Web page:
Effect of particle volume fraction on the velocity of sound in magnetorheological fluids

Jaime Rodríguez-López, Luis Elvira, Richard O'Leary, Francisco Montero de Espinosa

Research output: Chapter in Book/Report/Conference proceedingConference contribution book


In this work the velocity of sound in magnetorheological fluids as a function of the particle volume fraction is presented. The influence of the magnetic field on the sound speed and on the material microstructure is also analyzed. It is shown that particles in suspension interact to form complex microstructures which depend on the volume fraction. The range of particle volume fractions studied goes from 1% up to 10%. In the absence of magnetic field, there is a decrease in the velocity of sound as the particle volume fraction is increased, which agrees with the predictions of theoretical models. In an applied magnetic field, the microstructure passes from a suspension to an ordered structure, resulting in an increase velocity of sound. For low volume fractions a model of fiber suspensions predicts the microstructure formed in accordance to the experimental velocity of sound measured. On the other hand, for higher volume fractions, the microstructure can be considered as a porous material and the increase of sound velocity can be qualitatively explained from this theoretical point of view. These results are compared to microstructure images obtained using optical methods.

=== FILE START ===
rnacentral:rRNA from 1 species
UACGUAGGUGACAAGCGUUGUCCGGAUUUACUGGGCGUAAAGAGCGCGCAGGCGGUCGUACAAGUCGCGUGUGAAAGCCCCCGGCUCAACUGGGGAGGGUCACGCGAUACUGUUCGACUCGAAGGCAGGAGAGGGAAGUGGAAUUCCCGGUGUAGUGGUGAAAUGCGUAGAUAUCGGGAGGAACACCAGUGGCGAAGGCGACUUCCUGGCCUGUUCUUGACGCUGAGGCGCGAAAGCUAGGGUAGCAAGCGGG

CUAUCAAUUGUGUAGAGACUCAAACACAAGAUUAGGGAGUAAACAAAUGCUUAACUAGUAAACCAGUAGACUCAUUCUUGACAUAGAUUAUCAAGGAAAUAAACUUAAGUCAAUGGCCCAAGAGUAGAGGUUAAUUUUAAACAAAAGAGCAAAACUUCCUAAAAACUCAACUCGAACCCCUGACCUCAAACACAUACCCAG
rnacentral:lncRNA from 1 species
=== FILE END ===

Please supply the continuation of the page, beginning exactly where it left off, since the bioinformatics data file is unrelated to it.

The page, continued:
Original languageEnglish
Title of host publicationInternational Congress on Ultrasonics
Subtitle of host publicationGdańsk 2011
EditorsBogumil B J Linde, Jacek Pączkowski, Nikodem Ponikwicki
Place of PublicationMelville, NY
Number of pages4
Publication statusPublished - 24 May 2012
EventInternational Congress Ultrasonics 2011 - Gdansk, Poland
Duration: 5 Sept 20118 Sept 2011

Publication series

NameAIP Conference Proceedings
ISSN (Print)0094-243X


ConferenceInternational Congress Ultrasonics 2011
Internet address


  • acoustic wave velocity
  • suspended particles
  • magnetic field
  • acoustic modeling


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